Throughout the 19th century and specially the Victorian era, butler became a senior position in charge of more advanced wine cellar. In a very grandest household an Estate Steward or other senior steward was sometimes hired to oversee the butler and his duties.
The classic British butler, wore a special uniform to separate him from the junior servants, had the highest status of all the servants and practiced his profession with great pride and honor.
Starting in the 1920s Britain saw a dramatic decline in domestic service and by the mid-1980s domestic service was at an all-time low. Butler, which was firmly established in the 18th and 19th centuries in the old European and American mansions and in the colonies, deliberately disappeared after the First and the Second World War.
Through the 1980s, more and more multi-millionaire and billionaires emerged, that made demand for the profession of butler increased rapidly. High-end travelers don’t mind spending money on luxury private service, bringing significant change to butlers' duties and responsibilities. Today, a butler is much more a personal assistant to his guest.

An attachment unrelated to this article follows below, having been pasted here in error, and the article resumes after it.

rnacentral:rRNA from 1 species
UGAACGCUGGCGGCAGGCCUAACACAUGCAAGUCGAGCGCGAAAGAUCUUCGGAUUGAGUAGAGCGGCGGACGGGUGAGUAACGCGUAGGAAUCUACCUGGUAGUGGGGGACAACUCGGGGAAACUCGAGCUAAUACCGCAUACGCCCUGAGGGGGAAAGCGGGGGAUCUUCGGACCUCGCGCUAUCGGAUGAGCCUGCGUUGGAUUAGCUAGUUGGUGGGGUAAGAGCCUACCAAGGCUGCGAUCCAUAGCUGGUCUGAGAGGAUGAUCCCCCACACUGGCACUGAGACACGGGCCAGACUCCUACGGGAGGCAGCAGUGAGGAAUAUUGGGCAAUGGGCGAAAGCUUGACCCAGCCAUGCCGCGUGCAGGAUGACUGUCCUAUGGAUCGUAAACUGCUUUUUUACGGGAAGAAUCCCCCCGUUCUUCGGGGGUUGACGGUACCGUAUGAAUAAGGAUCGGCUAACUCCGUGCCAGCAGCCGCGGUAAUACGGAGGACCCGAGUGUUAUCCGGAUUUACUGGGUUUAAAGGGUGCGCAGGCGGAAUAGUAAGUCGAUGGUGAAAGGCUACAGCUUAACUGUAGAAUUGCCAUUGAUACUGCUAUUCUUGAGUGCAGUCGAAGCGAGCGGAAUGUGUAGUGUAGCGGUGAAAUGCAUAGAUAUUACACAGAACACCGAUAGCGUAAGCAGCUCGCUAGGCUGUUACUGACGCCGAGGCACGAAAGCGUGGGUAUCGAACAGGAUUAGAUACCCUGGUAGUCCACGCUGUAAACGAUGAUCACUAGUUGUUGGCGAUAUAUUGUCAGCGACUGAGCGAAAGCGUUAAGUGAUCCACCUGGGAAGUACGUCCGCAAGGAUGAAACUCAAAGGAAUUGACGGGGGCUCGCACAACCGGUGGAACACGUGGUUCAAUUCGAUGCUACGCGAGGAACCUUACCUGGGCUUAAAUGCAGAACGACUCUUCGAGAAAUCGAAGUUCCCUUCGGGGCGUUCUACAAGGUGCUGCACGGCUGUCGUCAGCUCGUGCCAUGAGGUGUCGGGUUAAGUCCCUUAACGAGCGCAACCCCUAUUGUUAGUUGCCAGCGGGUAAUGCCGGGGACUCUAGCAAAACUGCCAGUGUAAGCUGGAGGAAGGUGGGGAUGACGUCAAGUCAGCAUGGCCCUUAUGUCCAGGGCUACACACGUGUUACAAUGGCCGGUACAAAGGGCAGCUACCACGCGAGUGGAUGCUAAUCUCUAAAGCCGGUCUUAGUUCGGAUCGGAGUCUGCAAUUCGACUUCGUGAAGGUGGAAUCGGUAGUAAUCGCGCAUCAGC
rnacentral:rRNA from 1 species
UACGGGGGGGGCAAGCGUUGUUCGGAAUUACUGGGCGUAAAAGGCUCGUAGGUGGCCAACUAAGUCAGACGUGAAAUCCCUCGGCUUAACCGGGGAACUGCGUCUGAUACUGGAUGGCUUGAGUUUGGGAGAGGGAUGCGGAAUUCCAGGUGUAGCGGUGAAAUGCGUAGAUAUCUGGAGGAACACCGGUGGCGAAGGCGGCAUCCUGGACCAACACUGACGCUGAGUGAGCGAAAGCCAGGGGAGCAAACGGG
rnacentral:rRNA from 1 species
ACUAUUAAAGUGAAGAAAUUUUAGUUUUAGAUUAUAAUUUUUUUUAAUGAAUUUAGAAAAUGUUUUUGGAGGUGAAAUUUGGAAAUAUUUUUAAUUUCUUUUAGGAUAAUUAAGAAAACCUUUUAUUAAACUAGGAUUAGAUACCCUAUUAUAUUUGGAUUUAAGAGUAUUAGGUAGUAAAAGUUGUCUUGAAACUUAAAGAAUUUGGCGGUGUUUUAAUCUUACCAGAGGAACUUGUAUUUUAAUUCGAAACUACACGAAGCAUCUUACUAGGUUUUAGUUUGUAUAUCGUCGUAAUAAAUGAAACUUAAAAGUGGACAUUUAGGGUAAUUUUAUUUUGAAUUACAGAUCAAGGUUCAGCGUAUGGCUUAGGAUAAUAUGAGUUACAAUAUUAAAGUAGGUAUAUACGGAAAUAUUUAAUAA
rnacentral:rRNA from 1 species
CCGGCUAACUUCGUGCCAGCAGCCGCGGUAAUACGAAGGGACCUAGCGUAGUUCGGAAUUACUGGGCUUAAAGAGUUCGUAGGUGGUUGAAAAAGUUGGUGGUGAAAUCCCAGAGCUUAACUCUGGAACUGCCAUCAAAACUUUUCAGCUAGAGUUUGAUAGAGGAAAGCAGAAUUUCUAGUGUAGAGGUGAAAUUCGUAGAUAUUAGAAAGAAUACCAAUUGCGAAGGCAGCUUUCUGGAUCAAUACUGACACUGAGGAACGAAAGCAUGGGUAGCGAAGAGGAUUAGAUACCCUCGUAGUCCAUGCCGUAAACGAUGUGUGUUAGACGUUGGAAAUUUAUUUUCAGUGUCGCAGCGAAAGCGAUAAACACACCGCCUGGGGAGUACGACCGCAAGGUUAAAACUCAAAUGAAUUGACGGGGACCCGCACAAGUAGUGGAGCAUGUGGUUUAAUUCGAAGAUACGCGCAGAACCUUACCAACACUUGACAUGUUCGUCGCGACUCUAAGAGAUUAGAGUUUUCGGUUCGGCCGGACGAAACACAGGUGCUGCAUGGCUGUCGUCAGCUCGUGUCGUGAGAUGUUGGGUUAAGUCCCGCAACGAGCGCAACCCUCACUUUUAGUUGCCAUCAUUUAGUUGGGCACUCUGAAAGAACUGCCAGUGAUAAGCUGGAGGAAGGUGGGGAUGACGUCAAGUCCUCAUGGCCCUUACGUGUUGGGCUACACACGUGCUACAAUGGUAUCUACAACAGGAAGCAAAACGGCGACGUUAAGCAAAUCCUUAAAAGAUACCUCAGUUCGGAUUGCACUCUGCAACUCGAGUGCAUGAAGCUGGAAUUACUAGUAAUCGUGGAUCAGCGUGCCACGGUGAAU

The Lanesborough Hotel in London was the first hotel in Europe to introduce a butler service for all its guests, in 1990. Head Butler Robert Watson was responsible to setup the butler department and develop service standards and procedures. Watson established his own company—The Guild of Professional English Butlers—in 1998 to help hotels, cruise ships, great houses to establish their own butler service.
According to the International Guild of Professional Butlers, Hosting is one of the most important responsibilities—answering calls, greeting guests at the gate, assisting in the planning of events and dinner parties, overseeing table settings, and serving beverage and food. They will also (maybe the most important) manage the wine cellar.